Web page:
Regular expressions are powerful string-manipulation tools, though chances are you probably don't even know half of what is possible with them. Before touching some of the PCRE awesomeness, make sure you're quite familiar with regular expressions already. Though you probably won't use any of the below on a daily basis, you should definitely be aware of their existence. The exact syntax might've slipped your mind by the time you get to use some of these, but I guess you can always come back to refresh your memory once you need it, right? If you know all about the stuff in the [basics tutorial](http://blog.mullie.eu/regular-expressions-basics/) already, dive in! # Back references [PHP Docs](http://www.php.net/manual/en/regexp.reference.back-references.php) Say you're attempting to match XML tags, both the opening and closing tags. Obviously, you'll want to find the closing tag matching the opening tag, not the closing tag of another element. The PCRE toolset provides you with: back references! Yet another escape sequence. Using back references, you can define that a certain part in your regular expression needs to exactly match an earlier part of your regular expression. This earlier reference point has to be a subpattern and you can just point to any given subpattern by escaping the subpatterns index number, starting from 1. Up to 99 back references in 1 regular expression are possible. ## Example In the [basic tutorial](http://blog.mullie.eu/regular-expressions-basics/), we've already created a regex to find all link URLs inside an HTML source. The pattern we had created looked like `/href="(.*?)"/is`. We ignored that fact that HTML attribute are not always enclosed in double quotes though: single quotes are equally valid. This basically means that the opening enclosing character should be either `"` or `'`, and the closing character should match that opening character. The improved regex looks like: `/href=(['"])(.*?)\1/is`. **Caution**: because the PHP regular expression functions expect the regex to be tossed in as a string, do not forget to apply the regular string-escaping rules applicable in PHP. If the string is enclosed by single quotes, all single quotes within it should be escaped & we should also escape the regex' backslash. This example would finally look like this in PHP: `preg_match_all('/href=([\'"])(.*?)\\1/is', $test, $matches)` # Advanced subpatterns [PHP Docs](http://www.php.net/manual/en/regexp.reference.subpatterns.php) Subpatterns are really fun. They're like those tiny little "regular expressions inside a regular expression" and unlock so many neat features. $text = 'Hi, this is some text'; $pattern = '/(.*)/is'; if(preg_match($pattern, $text, $match)) { var_dump($match); } The output of this code will be: array 0 => string 'Hi, this is some text' (length=41) 1 => string 'p' (length=1) 2 => string 'Hi, this is some text' (length=21) The first value (index 0) is the result of the full regular expression, the other 2 values (index 1 & 2) are the result of the 2 subpatterns, making it really easy to grab specific data right from the results. This is also the index they're available at for back referencing. Let's bring some order to this chaos, though. # Non-capturing groups The results can be fine-tuned even better though. Since subpatterns can be used for other purposes as well (e.g. alternation), we might not want all subpatterns showing up in the match-array. To not capture a certain subpattern, you simply precede the instructions in the subpattern with `?:`. This will also render the subpattern inaccessible for back referencing. ## Example $text = 'Hi, this is some text'; $pattern = '/(?:.*)/is'; if(preg_match($pattern, $text, $match)) { var_dump($match); } The output of this code will be: array 0 => string 'Hi, this is some text' (length=41) 1 => string 'p' (length=1) Notice how the second subpattern no longer shows up in our match! # Named subpatterns But the manipulation of the subpatterns doesn't stop there. Not only can we control which subpatterns are being captured but we can also give them any given name by prepending the subpattern's instructions with `?P`, `?` or `?'name'`. Back referencing a named pattern can still be done by index, or by name: `(?P=name)`, `\k` or `\k'name'`. ## Example $text = 'Hi, this is some text'; $pattern = '/(?P.*)/is'; if(preg_match($pattern, $text, $match)) { var_dump($match); } The output of this code will be: array 0 => string 'Hi, this is some text' (length=41) 'tag' => string 'p' (length=1) 1 => string 'p' (length=1) 'content' => string 'Hi, this is some text' (length=21) 2 => string 'Hi, this is some text' (length=21) Now that we have descriptive keys mapped to our values (instead of indices), your database abstraction layer or template engine may even accept your data-array as-is, without having to loop it over once more just to "pretty-format" it. Caution: by default, you're limited to using 1 particular name only once per regular expression. It is possible to enable support for multiple subpatterns having the same name though, by adding `(?J)` at the beginning of your regular expression, like: `/(?J)(?P.*)/is`. This may come in handy in an alternation, where both alternate branches have a subpattern whose result you'd like to capture by the same name. # Conditional subpatterns [PHP Docs](http://www.php.net/manual/en/regexp.reference.conditional.php) Conditional subpatterns provide if-then(-else) constructions withing a regular expression: if a certain condition is matched, only then should a certain pattern be executed (and optionally, otherwise another pattern should be executed). `(?(condition)yes-pattern)` or `(?(condition)yes-pattern|no-pattern)` The condition can either be a back reference, where *condition* is the index of the referenced subpattern, or an assertion (see next chapter). ## Example The more complicated these concepts get, the harder it becomes to come up with a plausible example. Let's pretend we're trying to match CSS @import statements, which can come in both of the below forms: $test = ' @import url("path/to/my/first/style.css"); @import "path/to/my/second/style.css"); '; Both with and without `url()` enclosure constitute a valid @import statement, which makes is slightly harder to match the patch in a single regex. Let's try though: if(preg_match_all('/@import (url\()?"(.*?)"(?(1)\))/', $test, $matches)) { var_dump($matches); } What the above regex does is first start by matching the *@import* statement. After that, it'll search for an **optional** subpattern that will match *url(*. After that, we're looking for an opening double quote (ignoring that this may also be single quotes) and capturing the path to the imported CSS file, followed by a closing double quote. Then the interesting stuff happens: the conditional subpattern will check for condition **(1)** (back reference to first subpattern, which was the optional *url(* – note that this back reference does not need to be escaped): if that was matched, we'll require a closing parentheses. There is no else-statement in this example. The result of $matches will look like this, with index 2 holding the paths to both imports. Index 1 is the result of the optional subpattern that was used as a condition to check if we need to look for a closing parentheses. array 0 => array 0 => string '@import url("path/to/my/first/style.css")' (length=41) 1 => string '@import "path/to/my/second/style.css"' (length=37) 1 => array 0 => string 'url(' (length=4) 1 => string '' (length=0) 2 => array 0 => string 'path/to/my/first/style.css' (length=26) 1 => string 'path/to/my/second/style.css' (length=27) # Assertions [PHP Docs](http://www.php.net/manual/en/regexp.reference.assertions.php) By now, we've got quite a serious toolbox to perform complex pattern matching. But all of the existing trickery will still result in sequential parsing of your regular expression. Some day, you'll just want to instruct "hey, I only want to match ABC, if it is preceded by XYZ, but I don't want XYZ to be part of this match", or "… it should not be followed by DEF." That's where lookahead and lookbehind assertions come in to play. Without actually being part of the pattern to be matched, they will provide additional instructions that will influence what actually will be captured. To better illustrate the concept, let's pretend we're looking for all currencies mentioned in a text. In order to be certain that the character is a currency, we'll need it to be immediately followed by a number (otherwise, we could find a lot of US Dollars in PHP documentation, where variables are prefixed with $). We're only looking to match the currency signs, but there is an additional constraint we need to look for (but it's out of the scope of what we're looking to match). There are 4 assertions: positive lookahead (= followed by a certain pattern), negative lookahead (= not followed by a certain pattern), positive lookbehind (= preceded by a certain pattern), and negative lookbehind (= not preceded by a certain pattern). Assertions are not being captured, and as a result can not be referenced. ## Lookahead * Positive: `(?=pattern)` * Negative: `(?!pattern)` ## Lookbehind * Positive: `(? string '€' (length=3) # Comments [PHP Docs](http://www.php.net/manual/en/regexp.reference.comments.php) I very much encourage you to write documentation for your regular expressions. Regular expressions are sufficiently hard to create already, but they're even much harder to decipher without sufficient context. Comment them correctly though: there is no need to split them into several separate strings and concatenate them in PHP, only to be able to add PHP-style comments. Perl-style comments can be added inline, in a regular expression, via the use of the PCRE_EXTENDED pattern modifier. The use of this modifier will result in unescaped whitespace being ignored in your regex. / # match currency symbols for USD, EUR, GBP & YEN [$€£¥] # currency symbols must be followed by number, to indicate price (?=[0-9]) # pattern modifiers: u for UTF-8 interpretation (currency symbols), # x to ignore whitespace (for comments) /ux Everything following the # will be regarded as a comment, up until the end of the line/regex. The x-modifier will ensure that the tabs before & newlines after the comments are also ignored. # End If you just can't get enough, you might want to check out this presentation I uploaded on [SpeakerDeck](https://speakerdeck.com/matthiasmullie/regular-expressions-101/). It's nothing more than a compact version of the information in both the [basic](http://blog.mullie.eu/regular-expressions-basics/) and this advanced tutorial, albeit with some other examples. I guess by now you've learned to appreciate the power that regular expressions harness. You'll now always have your enhanced regex-knowledge to save your ass when dealing with complex structured data, but don't be blind for other solutions. Though the possibilities are endless, depending on your specific task, other solutions may be far superior, like a DOM/SAX-based parser for XML. *Please note that the code examples were centered around accurately explaining a specific subject, and may not cover all edge cases. For the sake of clarity, the @import-regex is ignorant of whitespace and single quote delimiters, and the XML nodes ignores self-closing tags.* *This post originates from my personal blog, at http://www.mullie.eu/regular-expressions-advanced/*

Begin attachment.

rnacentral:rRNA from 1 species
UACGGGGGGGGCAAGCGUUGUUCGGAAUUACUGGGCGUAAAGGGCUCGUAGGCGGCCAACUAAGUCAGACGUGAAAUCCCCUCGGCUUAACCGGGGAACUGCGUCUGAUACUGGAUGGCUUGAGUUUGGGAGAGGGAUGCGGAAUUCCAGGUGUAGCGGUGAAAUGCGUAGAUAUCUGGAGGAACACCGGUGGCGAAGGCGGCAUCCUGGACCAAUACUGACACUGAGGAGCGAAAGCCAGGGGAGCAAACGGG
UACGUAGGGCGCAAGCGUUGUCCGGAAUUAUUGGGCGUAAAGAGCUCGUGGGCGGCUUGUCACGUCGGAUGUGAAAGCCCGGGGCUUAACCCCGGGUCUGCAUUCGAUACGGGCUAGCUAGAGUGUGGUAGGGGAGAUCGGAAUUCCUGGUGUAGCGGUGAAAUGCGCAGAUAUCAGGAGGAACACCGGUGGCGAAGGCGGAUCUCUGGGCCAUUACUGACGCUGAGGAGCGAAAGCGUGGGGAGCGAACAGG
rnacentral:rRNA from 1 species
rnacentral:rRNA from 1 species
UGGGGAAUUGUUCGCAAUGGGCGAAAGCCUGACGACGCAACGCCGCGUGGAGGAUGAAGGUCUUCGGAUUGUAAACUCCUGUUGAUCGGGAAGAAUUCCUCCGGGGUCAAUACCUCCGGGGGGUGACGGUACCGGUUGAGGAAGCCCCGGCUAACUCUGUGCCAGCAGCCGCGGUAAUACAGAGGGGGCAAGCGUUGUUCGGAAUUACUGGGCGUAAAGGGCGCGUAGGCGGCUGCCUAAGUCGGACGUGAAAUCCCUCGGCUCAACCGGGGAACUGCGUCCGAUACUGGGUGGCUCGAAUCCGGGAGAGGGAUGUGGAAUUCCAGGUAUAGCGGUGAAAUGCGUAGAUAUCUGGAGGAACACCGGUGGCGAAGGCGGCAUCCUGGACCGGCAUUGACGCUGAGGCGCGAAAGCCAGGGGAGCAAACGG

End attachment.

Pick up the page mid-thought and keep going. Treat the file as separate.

Square Cash mobile app

I'm obsessed with Square Cash, a new service from Square. So much so that I designed/built a stand alone web app so I can send cash without going into my email app. I think it makes sending cash feel even more meaningful by having a dedicated interface to do so.

Forrst Redesign | Add Post With Rich-Text Editing

Hey Forrsters, We're still plugging away at the Forrst redesign. We've been working on creating a better posting workflow that includes rich-text editing. Now we want your feedback on how you'd use it. Take a look: